Speaking of 200-day moving averages, the S&P 500 once again tested and bounced off support of its closely-watched 200-MA. Since its first test of the 200-MA support level last month, the S&P has attempted to rally off that level on several occasions. However, each rally attempt fizzled out quickly, which eventually caused the S&P to drop back down to its 200-MA for the third time yesterday. Because it is generally considered to be a good indicator of the long-term direction of a market, the 200-MA is always a powerful support or resistance level, but each subsequent bounce off the 200 weakens its support. Based on the lack of follow-through from previous retracements off the 200-MA, we are not confident that the S&P will hold above its 200-MA for much longer:

Our overall bias remains bearish in the intermediate-term, just as it has been for the past several weeks. The major indices have been trending steadily lower as opposed to chopping around in a sideways range, as they did in the months that preceded the May selloff. Until downtrend lines are broken, individual stock leadership returns, and the market’s volume patterns change, we must assume the trend will remain intact. As always, the easiest money is made by simply following the trend and not trying to be a hero by picking a market bottom. If you’re not comfortable selling short, it is probably best if you wait on the sidelines in cash, or perhaps buy a specialty ETF that is not correlated directly to the U.S. market’s direction. For this reason, we remain long both the iShares 20+ year T-bond Index (TLT) and the Euro Currency Trust (FXE), both of which are trading counter to the trend of the stock market. However, if you are not a short seller, you really should learn and become comfortable with doing so. The market’s correction could last longer than you might think, so be prepared to take advantage of the trend in the event that it develops into an actual bear market.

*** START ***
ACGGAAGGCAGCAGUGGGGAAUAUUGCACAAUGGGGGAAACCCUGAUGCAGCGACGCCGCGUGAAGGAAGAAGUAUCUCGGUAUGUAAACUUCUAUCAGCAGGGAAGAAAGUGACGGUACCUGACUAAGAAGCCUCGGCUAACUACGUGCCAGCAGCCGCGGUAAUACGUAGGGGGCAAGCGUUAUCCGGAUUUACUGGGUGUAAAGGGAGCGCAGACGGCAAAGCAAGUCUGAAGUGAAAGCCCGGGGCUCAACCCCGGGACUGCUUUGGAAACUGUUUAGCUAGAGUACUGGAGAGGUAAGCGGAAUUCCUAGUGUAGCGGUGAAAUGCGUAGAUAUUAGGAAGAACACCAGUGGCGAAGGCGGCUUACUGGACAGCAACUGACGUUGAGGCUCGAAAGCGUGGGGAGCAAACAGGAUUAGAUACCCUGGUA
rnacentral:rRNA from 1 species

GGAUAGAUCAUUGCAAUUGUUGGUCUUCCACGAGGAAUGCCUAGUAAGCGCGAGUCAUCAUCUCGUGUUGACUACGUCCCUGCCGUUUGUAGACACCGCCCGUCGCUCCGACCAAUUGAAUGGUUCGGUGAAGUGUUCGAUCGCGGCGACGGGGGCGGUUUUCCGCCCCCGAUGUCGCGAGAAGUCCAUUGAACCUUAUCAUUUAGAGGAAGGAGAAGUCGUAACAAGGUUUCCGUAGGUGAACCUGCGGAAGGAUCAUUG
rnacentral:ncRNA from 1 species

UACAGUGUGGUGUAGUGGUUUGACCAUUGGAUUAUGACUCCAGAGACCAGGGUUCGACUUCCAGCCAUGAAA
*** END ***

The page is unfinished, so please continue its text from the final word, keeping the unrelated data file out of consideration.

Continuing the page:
Today’s Watchlist:

There are no new setups for today, as we are at our maximum buying power based on the model account.


Daily Performance Report:

Below is an overview of all open positions, as well as a performance report on all positions that were closed only since the previous day’s newsletter. Net P/L figures are based on the $50,000 Wagner Daily model account size. Changes to open positions since the previous report are listed in red text below:


    Open positions (coming into today):

      DIA short (350 shares from May 23 entry) –
      sold short 111.30 (avg.), stop 113.65, target 106.30, unrealized points = + 1.31, unrealized P/L = + $458

      TLT long (320 shares from June 2 entry) –
      bought 84.70, stop 83.08, target 89.45, unrealized points = + 0.38, unrealized P/L = + $122

      FXE long (240 shares from June 2 entry) –
      bought 129.22, stop 127.05, target new high (will trail stop), unrealized points = (0.80), unrealized P/L = +($192)

    Closed positions (since last report):

      none

    Current equity exposure ($100,000 max. buying power):

      $96,542

    Notes:


      No changes to open positions.

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    Click here to view MTG’s past performance results (updated monthly).

    Edited by Deron Wagner,
    MTG Founder and
    Head Trader